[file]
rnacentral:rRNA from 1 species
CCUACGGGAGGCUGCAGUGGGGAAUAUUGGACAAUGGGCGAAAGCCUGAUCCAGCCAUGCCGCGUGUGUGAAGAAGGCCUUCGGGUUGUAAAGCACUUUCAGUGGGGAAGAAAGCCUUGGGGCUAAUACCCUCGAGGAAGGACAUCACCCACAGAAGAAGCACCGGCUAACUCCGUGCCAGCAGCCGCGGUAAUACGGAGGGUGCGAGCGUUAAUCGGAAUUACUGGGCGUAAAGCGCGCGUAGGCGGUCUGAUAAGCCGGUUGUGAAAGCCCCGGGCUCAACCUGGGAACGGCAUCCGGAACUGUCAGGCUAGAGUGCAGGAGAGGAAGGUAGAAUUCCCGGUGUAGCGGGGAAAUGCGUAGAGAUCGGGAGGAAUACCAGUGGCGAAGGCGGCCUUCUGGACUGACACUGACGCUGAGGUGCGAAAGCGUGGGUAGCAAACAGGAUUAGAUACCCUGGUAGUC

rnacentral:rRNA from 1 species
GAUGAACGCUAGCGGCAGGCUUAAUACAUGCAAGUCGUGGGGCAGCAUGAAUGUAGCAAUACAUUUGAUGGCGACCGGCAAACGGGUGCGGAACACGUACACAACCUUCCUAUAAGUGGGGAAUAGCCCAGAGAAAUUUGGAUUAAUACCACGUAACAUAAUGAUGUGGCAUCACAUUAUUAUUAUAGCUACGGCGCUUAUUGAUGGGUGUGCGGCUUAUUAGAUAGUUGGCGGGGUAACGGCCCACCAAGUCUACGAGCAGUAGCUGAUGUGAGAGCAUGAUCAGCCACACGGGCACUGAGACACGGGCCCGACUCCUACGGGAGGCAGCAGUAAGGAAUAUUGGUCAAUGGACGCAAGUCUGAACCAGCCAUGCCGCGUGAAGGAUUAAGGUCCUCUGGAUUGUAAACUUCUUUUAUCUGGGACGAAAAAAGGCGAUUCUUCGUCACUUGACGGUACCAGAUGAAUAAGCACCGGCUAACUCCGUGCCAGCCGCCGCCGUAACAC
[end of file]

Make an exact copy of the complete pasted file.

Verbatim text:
rnacentral:rRNA from 1 species
CCUACGGGAGGCUGCAGUGGGGAAUAUUGGACAAUGGGCGAAAGCCUGAUCCAGCCAUGCCGCGUGUGUGAAGAAGGCCUUCGGGUUGUAAAGCACUUUCAGUGGGGAAGAAAGCCUUGGGGCUAAUACCCUCGAGGAAGGACAUCACCCACAGAAGAAGCACCGGCUAACUCCGUGCCAGCAGCCGCGGUAAUACGGAGGGUGCGAGCGUUAAUCGGAAUUACUGGGCGUAAAGCGCGCGUAGGCGGUCUGAUAAGCCGGUUGUGAAAGCCCCGGGCUCAACCUGGGAACGGCAUCCGGAACUGUCAGGCUAGAGUGCAGGAGAGGAAGGUAGAAUUCCCGGUGUAGCGGGGAAAUGCGUAGAGAUCGGGAGGAAUACCAGUGGCGAAGGCGGCCUUCUGGACUGACACUGACGCUGAGGUGCGAAAGCGUGGGUAGCAAACAGGAUUAGAUACCCUGGUAGUC

rnacentral:rRNA from 1 species
GAUGAACGCUAGCGGCAGGCUUAAUACAUGCAAGUCGUGGGGCAGCAUGAAUGUAGCAAUACAUUUGAUGGCGACCGGCAAACGGGUGCGGAACACGUACACAACCUUCCUAUAAGUGGGGAAUAGCCCAGAGAAAUUUGGAUUAAUACCACGUAACAUAAUGAUGUGGCAUCACAUUAUUAUUAUAGCUACGGCGCUUAUUGAUGGGUGUGCGGCUUAUUAGAUAGUUGGCGGGGUAACGGCCCACCAAGUCUACGAGCAGUAGCUGAUGUGAGAGCAUGAUCAGCCACACGGGCACUGAGACACGGGCCCGACUCCUACGGGAGGCAGCAGUAAGGAAUAUUGGUCAAUGGACGCAAGUCUGAACCAGCCAUGCCGCGUGAAGGAUUAAGGUCCUCUGGAUUGUAAACUUCUUUUAUCUGGGACGAAAAAAGGCGAUUCUUCGUCACUUGACGGUACCAGAUGAAUAAGCACCGGCUAACUCCGUGCCAGCCGCCGCCGUAACAC